Dental Health, Hiring, and Expectations

Every month (or module) at my school I am tasked to write a short essay on my knowledge and research of various soft-skills, apparently to gauge my readiness to enter a professional career. This month the subject was dental health and how having bad teeth can effect the hiring process. I stopped short of simply stating “Good teeth is not a soft-skill.”

 

Dental Health, Hiring, and Expectations

             I have to admit that this topic has been difficult for me to write, as I can find no correlation between dental care and soft skills, most of which describe qualifications that have no basis on appearance (such as being a “goal-oriented self-starter” and ability to multitask, as noted by Larry Buhl in an article posted in the career advice section of the website monster.com) (Buhl, L. 2014). The major determining factor in oral health appears to be access to affordable dentistry; something that is not ubiquitous and which impacts poor communities the hardest (Wallace, B.B. & Macentee, M.I. 2012)

            Breaking away from the association between soft skills by definition and having nice teeth, I’m going to address the definite fact that a lot of people do worry whether the appearance of their teeth will make it harder to get hired. A reader at the Ask A Manager blog writes in to ask if her dental accident might be effecting her chances of being hired, worrying that “it marks me as someone who doesn’t care about their appearance or is unprofessional”. The blog host writer, Allison Green, responds with a story about an applicant who asked her to forgive the chip in his front tooth, and explains that she would have never given it thought until he mentioned it. She then implies that it may be a bigger problem for her than for her interviewers by saying “I do wonder if your self-consciousness about the tooth is affecting your confidence and the way you interview, or even making you less likely to smile, so pay special attention to that.” (AskAManager, 2010).

            Not being a trained psychologist, I can only surmise that this kind of worry is largely due to insecurity and an individual’s ability to scrutinize and judge ourselves far more than others generally do. We humans have a particular skill when it comes to performing the spotlight fallacy; that is, to find significance in a few but extreme moments of criticism but dismiss or not even recognize the instances within which our faults were overlooked (or not an issue at all). I find that a lot more people worry “Will they hate my teeth?” than worry the same from the other end. I don’t find people writing about how worried they are that their next applicant will have bad teeth; and if I can get a little more opinionated here – I wouldn’t want to work for someone who did.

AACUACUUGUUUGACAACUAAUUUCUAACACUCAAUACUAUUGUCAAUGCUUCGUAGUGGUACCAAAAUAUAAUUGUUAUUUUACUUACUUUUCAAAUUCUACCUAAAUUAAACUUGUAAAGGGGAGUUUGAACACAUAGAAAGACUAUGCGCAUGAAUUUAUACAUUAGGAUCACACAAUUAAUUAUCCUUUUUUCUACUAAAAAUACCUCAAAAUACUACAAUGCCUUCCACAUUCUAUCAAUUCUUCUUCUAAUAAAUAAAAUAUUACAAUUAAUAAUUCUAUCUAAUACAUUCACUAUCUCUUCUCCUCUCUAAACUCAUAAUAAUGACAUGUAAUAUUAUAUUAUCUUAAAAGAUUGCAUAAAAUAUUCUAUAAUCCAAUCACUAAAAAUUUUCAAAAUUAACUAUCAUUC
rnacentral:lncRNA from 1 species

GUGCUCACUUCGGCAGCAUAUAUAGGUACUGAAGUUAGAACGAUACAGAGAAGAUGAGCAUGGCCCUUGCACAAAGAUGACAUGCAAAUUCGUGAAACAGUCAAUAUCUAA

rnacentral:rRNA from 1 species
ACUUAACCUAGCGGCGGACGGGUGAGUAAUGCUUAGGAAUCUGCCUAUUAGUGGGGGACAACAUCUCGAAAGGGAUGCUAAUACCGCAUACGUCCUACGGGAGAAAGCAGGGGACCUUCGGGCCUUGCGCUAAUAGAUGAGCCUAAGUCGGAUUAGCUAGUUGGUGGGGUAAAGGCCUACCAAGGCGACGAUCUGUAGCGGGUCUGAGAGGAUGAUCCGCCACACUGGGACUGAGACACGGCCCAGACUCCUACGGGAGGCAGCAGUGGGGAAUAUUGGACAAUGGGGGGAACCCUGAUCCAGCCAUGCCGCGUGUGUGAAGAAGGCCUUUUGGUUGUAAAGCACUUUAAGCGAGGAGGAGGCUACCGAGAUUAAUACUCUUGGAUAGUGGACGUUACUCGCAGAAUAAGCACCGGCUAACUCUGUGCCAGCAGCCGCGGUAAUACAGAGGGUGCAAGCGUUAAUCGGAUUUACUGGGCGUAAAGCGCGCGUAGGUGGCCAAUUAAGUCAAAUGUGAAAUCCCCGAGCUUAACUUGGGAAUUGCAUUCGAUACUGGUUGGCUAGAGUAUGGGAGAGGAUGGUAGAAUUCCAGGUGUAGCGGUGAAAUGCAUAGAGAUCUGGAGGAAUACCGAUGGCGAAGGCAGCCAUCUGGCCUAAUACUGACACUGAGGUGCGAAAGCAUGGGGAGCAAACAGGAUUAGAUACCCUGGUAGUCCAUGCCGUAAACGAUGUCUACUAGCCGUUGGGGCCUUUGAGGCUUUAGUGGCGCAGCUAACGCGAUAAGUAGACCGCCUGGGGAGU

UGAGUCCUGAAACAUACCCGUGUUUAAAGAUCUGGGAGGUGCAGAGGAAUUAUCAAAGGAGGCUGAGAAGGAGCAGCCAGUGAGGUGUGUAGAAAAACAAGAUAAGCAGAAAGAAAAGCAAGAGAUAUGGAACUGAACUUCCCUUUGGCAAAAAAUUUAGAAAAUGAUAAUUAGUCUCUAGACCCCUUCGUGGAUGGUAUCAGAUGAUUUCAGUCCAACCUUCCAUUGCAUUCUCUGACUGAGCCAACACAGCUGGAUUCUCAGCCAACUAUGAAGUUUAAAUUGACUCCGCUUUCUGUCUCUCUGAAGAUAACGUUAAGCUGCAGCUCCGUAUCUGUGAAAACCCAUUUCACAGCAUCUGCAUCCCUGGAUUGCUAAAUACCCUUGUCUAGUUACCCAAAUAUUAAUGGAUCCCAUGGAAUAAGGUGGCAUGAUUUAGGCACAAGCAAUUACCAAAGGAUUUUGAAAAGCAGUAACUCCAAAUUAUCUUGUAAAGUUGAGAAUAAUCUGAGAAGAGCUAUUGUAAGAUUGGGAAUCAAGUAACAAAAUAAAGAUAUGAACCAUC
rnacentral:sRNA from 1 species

Halitosis and the appearance of cracked or bleeding gums might indeed be justly judged as unfit for a position, especially ones that require face to face client interactions or in visual media (such as television, fashion, photography etc.). These problems indicate a medical issue that is of greater importance than mere looks.

Of all the stressors that we bear in life and in the pursuit of career, I think that this is merely one more that we pile upon ourselves. If any soft skill can be demonstrated in this area, it is the ability to let go of insecurities that might hold back your performance.

 

 

 

 

 

 

References:

AskAManager. (2010). is my dental problem scaring off employers?.  Ask a Manager RSS. Retrieved from http://www.askamanager.org/2010/07/is-my-dental-problem-scaring-off.html

Buhl, L. (2014). Soft Skills That Could Land You the Job. Retrieved from http://career-advice.monster.com/job-search/getting-started/6-soft-skills-that-could-land-you-the-job-hot-jobs/article.aspx

Wallace, B. B., & Macentee, M. I. (2012). Access to Dental care for Low-Income Adults: Perceptions of Affordability, Availability and Acceptability. Journal of Community Health, 37(1), 32-39. Retrieved from: http://www.ncbi.nlm.nih.gov/pubmed/21590434

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